Luv Jacqui

Pheonix Jr. Jacmel,Haiti

“So i am ther the director of my school is dead .a bulding dowon up heim.Life is hard for me now i sleep in the street and everbady in jacmel.”

Sunday, January 24, 2010

My New Journey By: Brooke

Last Thursday, after a week of quietly weeping, simply absorbing any and all sadness like a soggy sponge with no idea what to do with it all, I was hit hard by Hurricane Erin, and thankfully so. Her drive to help the people of Haiti, her people, is nothing if not infectious, and her seemingly limitless goals defy what we know as logic. Her time in Haiti has opened a door to a higher wave of consciousness that skirts the linear and manifests the impossible. To see her turn her sadness into pure creation is humbling to say the least. How could I resist the call to join this beautiful cause?

I have much to catch up on with the Veve Haiti team-- Erin, Mauri, Andrea and Shea-- and I am ready to dive into this spiritual journey. Thank you for getting me here, and bless you all for holding the flame…

Thursday, January 21, 2010

Art and Soul By Shea Lehnen

Some people come into your life and at the time you don't even realize the impact they will have, or even that there will be an impact. Then you fall gracefully in love with this new acquaintance over the course of the next year, although you live thousands of miles apart and seemingly, at times, in a different world. Erin Behr was sent to me as a gift. I met her on a business trip for the company we work for, and something about her energy attracted me to her and pulled my attention in. Her laugh, her humor and her radiance made me want to be around her, to laugh with her and to radiate in her light.
For over a year I had been trying to come to terms with the death of my daughter, something I don't speak to many people about, emotionally anyhow. I told Erin all about my ordeal the THIRD day I met her. I felt okay and lighter after spilling my dark spot. She never gave me any advice, she never tried to make me feel better, she just let me be me. It was exactly what I needed at that point in my life, just to be okay with feeling what I was feeling. I began this search into myself, into a better self because of Erin. Her spirit and her life-giving positive energy had a profound affect on my life.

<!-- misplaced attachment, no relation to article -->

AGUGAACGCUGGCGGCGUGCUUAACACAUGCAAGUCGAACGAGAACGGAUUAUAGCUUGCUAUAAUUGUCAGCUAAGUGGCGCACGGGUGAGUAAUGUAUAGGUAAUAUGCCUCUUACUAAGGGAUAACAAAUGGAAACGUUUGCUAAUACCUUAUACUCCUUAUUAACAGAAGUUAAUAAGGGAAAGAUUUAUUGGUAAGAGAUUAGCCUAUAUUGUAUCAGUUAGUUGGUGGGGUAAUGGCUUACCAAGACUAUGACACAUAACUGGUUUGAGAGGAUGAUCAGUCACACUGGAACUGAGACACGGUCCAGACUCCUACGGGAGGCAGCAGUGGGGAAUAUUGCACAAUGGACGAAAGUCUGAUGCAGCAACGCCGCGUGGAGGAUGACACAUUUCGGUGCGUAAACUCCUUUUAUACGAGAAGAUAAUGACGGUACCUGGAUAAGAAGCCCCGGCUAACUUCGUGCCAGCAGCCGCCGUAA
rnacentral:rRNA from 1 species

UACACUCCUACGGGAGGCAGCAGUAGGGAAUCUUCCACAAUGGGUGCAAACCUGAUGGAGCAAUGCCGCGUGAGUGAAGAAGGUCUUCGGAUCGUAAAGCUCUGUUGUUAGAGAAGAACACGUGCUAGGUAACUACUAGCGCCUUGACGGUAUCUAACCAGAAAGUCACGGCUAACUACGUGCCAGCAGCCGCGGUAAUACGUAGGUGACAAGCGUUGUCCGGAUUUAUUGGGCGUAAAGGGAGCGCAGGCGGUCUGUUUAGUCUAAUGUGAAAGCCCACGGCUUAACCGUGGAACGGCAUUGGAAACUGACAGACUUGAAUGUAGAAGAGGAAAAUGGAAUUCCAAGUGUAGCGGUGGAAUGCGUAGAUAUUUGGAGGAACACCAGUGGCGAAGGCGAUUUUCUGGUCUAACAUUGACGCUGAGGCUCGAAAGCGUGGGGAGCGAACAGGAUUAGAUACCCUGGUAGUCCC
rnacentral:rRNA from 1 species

When I first heard the news of Haiti, from Erin, I was devastated for her. It's one of those moments where you know terrible devastation is on the horizon, yet you can not let your mind crack open to what heartbreak will lay before you. My heart was breaking mostly for Erin, as I know she loves her people and had a very strong connection with them. After initially speaking with Erin about going over there I was scared for her. Scared that being smacked in the face with death and tragic circumstances would be so very hard. I guess I was projecting my own fear of seeing the dark spots and hurt in this world. I have realized that Erin is above letting the dark stop her from her destiny. She has found her self, and is rapidly building her legacy. Through her art Erin has expressed her love and her soul shines through.
In my own search for life I yearn to help, especially children. I am looking for my Lileigh. I know that I will see her again, but in this world I am learning to take all the hurt in my heart and direct it towards children who need me. I complain about my job, when I stop and really think about it all, I don't have to do what I am doing, I am choosing this life because it enables me to help. It enables me to have my days completely full, without much time to hurt, and gives me the monetary means to help out other children who I can not have as my own. After meeting Erin I went back to school and am pursuing my psychology degree, simply because I want to help people. I really wish to enable people who have endured a great deal of pain to move on and move up. To enjoy the beauty of the sunshine on their face, or the wind as is rushes past the window. To be able to feel something other than the dark.